HOLLYWOOD—HELLO AMERICA! Yes, the Hollywood that Mickey Rooney grew up in and knew played a different game to success. Louis B. Mayer made sure that all of his actors under contract followed his standards and rules—and if you couldn’t handle the pressure, you were quickly and easily replaced by someone who could.
Q. When you made your film debut in 1926, how did you feel being around so many Hollywood stars?
A. “My first teenage film was ‘Not To Be Trusted’ and I took everything in stride. I guess I’ve always been sure of myself — I never felt threatened by other actors in a show or anyone facing the camera with me. I had no problem just getting right into a character and making the most of it. It’s always been that way with me.”
Q. What was the atmosphere at the MGM at the time?
A. “It was exciting! How could it not be with stars like Jimmy Stewart, Katie Hepburn, Spencer Tracy, Joan Crawford, Lana Turner, Mario Lanza — hey, I could go on forever. Of course, I was lucky to have Judy Garland at my side in some of the best musical moments of my career.”
Q. How close did you two become? After all, there seemed to be some kind of drama that was always invading her life.
A. “You’re right. Judy was like a sister, a very close one. I understood her, and appreciated the kind of pressure she was experiencing. Everybody was demanding something from her— her mother, Mr. Meyer, the press and her constant war in trying to lose weight. When she did the ‘Wizzard of Oz’, it changed everything for her overnight; the world had its eye on her. She was always trying to meet their expectations of her, and to deal with it, at times, nearly destroyed her. Judy never believed that anybody every really loved her, and she ended up hooking up with someone who didn’t care about her, but simply used her to enhance their image. In other words, she was constantly being used, if not by a producer, studio, but some guy who came along promising her the world.”
Q. What was the most frustrating point in your life?
A. “Being married to Ava Gardner!”
Q. That’s surprising.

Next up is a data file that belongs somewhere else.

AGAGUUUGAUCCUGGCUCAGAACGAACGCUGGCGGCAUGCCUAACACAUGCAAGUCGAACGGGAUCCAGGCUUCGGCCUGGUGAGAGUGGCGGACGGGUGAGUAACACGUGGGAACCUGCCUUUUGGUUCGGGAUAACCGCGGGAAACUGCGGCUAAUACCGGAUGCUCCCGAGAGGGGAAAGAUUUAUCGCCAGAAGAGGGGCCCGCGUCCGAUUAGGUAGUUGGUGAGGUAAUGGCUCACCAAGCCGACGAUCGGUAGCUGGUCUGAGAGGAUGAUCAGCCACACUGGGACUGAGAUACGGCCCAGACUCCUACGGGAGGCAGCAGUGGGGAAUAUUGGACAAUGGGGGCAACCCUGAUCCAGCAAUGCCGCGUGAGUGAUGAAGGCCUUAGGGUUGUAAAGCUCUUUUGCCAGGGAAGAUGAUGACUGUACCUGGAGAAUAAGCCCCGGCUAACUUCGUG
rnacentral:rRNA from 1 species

A. “Ava drove me out of my mind! I fell hard for her — nearly worshiped the ground she walked on. The best nights and times of my life, in a social sense, were spent with Ava. She was hot-natured, combustible, always willing to challenge the world. That’s why when she went to Spain and got in the ring with a bull, it was no surprise to me; she loved living dangerously. I realized, early-on that we would never stay married. My way of life was set here in Hollywood, under a studio rule, one that made me feel secure, and yes, happy.”
Q. Do you miss the Hollywood of yesterday?
A. “Of course, after all, it was a time when I was a part of a growing, experimental industry that afforded me an opportunity to explore sides of my creative self that would have been impossible anywhere else. After all, I was in a place where people like Lionel Barrymore, Frank Sinatra, Clark Gable, Cary Grant, Walter Pidgeon, Ronald Coleman, Kathryn Grayson, Liz Taylor, Fred Astaire played. Then, of course, there was Marilyn Monroe. We became very good friends. Bette Davis said that when they performed together in ‘All About Eve’ she knew that Monroe would become a star. I believe her, Marilyn was very special — watching her was hypnotizing. Then there was Lena Horne. She’s sadly gone now, but Lena was one of the most beautiful women in our business. I will never forget her singing in one of my films ‘Words and Music’ and then there, of course, was ‘Showboat’. Yeah, that lady was something extraordinary.”
Q. If you had a choice of doing one last major film, what kind of film would it be?
A. “Oh, that’s easy. If I had one last wish in choosing a film to do, it would be a musical, one like Judy and I use to sing and dance in. A Busby Berkeley kind of spectacular. I would give anything to be able to star in one of his shows. Of course, with Judy in front of the line with me. For me, that was truly show biz!”